“I was very aware of stigmas that might be attached to being a person who stutters,” he stated. “In the elite, highly competitive world of law school, I didn’t want to show weakness. The flip side of the coin is that, in not wanting to show weakness, I felt I had to work maybe twice as hard as everybody just to make sure I was excelling in everything I could control. That added pressure to the experience.”

Schuyler has since sought out communities of support, and he has advocated for himself in ways he didn’t in law school. “If I could do it all again, I certainly wish I’d have had the tools I have now,” he said.

Ditkowsky found her community while in law school, though most of her peers with disabilities were located in other cities. “I started connecting with other disabled law students from across the country,” she stated. “I hadn’t before connected with openly disabled law students.”

New-Lawyer Experiences

Once he began volunteering for organizations for people who stutter, Schuyler became interested in doing more advocacy work for people with disabilities. The work made him feel part of a community of those with disabilities and further solidified his desire to work on behalf of people with disabilities.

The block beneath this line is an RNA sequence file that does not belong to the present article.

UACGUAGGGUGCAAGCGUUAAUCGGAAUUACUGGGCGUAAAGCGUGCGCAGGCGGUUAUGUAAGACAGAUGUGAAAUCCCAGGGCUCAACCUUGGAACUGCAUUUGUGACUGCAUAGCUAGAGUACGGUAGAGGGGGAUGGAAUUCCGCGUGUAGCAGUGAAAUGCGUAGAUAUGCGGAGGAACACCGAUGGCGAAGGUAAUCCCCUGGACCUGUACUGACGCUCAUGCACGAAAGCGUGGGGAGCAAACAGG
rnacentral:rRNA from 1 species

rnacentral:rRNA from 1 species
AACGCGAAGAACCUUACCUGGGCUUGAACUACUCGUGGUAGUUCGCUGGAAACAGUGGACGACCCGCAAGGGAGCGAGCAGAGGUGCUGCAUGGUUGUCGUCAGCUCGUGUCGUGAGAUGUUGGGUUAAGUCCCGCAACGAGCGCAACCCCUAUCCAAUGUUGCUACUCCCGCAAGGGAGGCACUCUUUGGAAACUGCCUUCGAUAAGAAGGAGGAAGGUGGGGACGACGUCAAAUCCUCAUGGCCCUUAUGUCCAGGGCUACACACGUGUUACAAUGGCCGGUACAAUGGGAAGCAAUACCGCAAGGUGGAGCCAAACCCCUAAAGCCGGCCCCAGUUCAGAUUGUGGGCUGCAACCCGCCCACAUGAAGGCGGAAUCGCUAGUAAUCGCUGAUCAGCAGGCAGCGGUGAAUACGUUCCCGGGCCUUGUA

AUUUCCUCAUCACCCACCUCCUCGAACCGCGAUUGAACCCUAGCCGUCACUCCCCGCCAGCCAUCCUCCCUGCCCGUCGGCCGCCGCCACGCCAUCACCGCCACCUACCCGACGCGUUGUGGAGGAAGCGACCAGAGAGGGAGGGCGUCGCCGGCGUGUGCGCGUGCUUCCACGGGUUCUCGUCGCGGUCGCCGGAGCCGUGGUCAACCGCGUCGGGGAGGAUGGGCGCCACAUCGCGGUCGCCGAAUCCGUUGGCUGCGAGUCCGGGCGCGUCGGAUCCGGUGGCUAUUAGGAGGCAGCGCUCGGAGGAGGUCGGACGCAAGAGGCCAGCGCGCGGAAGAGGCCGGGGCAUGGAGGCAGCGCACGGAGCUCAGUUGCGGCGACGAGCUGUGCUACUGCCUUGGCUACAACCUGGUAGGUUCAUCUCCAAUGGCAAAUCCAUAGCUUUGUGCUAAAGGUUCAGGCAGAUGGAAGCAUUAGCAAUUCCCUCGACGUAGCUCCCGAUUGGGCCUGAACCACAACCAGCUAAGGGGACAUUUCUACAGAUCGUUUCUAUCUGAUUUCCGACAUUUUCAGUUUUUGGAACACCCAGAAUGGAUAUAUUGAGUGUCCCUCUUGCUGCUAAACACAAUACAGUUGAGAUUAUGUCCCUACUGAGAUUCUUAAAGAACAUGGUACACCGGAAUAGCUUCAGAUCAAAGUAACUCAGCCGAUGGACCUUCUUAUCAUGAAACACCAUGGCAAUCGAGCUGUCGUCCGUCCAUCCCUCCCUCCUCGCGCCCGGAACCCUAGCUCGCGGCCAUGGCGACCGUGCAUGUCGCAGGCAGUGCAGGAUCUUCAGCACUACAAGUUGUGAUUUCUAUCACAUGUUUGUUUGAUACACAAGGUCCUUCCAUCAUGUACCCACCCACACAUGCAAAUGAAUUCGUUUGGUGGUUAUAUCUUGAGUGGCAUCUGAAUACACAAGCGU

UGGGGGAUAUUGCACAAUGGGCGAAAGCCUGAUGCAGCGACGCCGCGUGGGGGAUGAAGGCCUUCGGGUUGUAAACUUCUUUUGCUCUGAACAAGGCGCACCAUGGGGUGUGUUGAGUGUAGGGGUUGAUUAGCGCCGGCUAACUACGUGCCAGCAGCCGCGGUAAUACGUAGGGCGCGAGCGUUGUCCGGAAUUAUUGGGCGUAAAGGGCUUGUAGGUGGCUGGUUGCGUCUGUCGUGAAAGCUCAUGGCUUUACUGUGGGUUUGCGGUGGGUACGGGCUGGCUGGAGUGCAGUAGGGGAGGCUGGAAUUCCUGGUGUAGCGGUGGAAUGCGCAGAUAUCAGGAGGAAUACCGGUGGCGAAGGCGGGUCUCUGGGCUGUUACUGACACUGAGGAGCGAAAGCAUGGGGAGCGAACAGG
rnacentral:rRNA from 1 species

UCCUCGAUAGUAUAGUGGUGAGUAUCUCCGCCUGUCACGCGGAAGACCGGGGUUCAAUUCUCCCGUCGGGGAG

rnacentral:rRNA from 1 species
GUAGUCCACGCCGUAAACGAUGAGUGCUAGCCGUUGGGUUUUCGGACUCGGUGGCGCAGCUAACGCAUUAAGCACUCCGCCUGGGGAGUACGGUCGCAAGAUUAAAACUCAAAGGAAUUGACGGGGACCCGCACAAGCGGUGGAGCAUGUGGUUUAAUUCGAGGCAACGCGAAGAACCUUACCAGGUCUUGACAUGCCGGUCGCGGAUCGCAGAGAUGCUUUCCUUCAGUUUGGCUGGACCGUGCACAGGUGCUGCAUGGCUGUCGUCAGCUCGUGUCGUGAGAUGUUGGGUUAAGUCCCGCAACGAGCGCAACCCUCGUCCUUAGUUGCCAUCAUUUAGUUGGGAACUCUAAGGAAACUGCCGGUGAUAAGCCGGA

That led him to the work he does today. Schuyler has advocated for children with disabilities within school systems and is part of many groups and communities that relate to the intersection of legal work, disability rights advocacy, and parenting.

Schuyler’s disability has shaped his career. “It’s been a foundation for a lot of what I’m doing,” he stated. “I think the work I do now is the work I want to do for my career. To get to where I am, I needed to identify and come to terms with my disability. That helped me get an insight into the larger world of disability issues, how broad those issues are, and how much work there is to do.”

Schuyler now works passionately for his community of people who stutter, though he began his career working in a law firm doing class action work, where he learned the skills necessary as a new lawyer. After he moved into disability advocacy work, Schuyler remained there.

“One of the things I love about disability law is that there are so many opportunities to make new laws and to improve the laws that are on the books,” he noted. “In so many other practice areas, the law is relatively settled. In disability law, you’re constantly looking at new problems and improving the body of law.”

They’ve Been Where You Are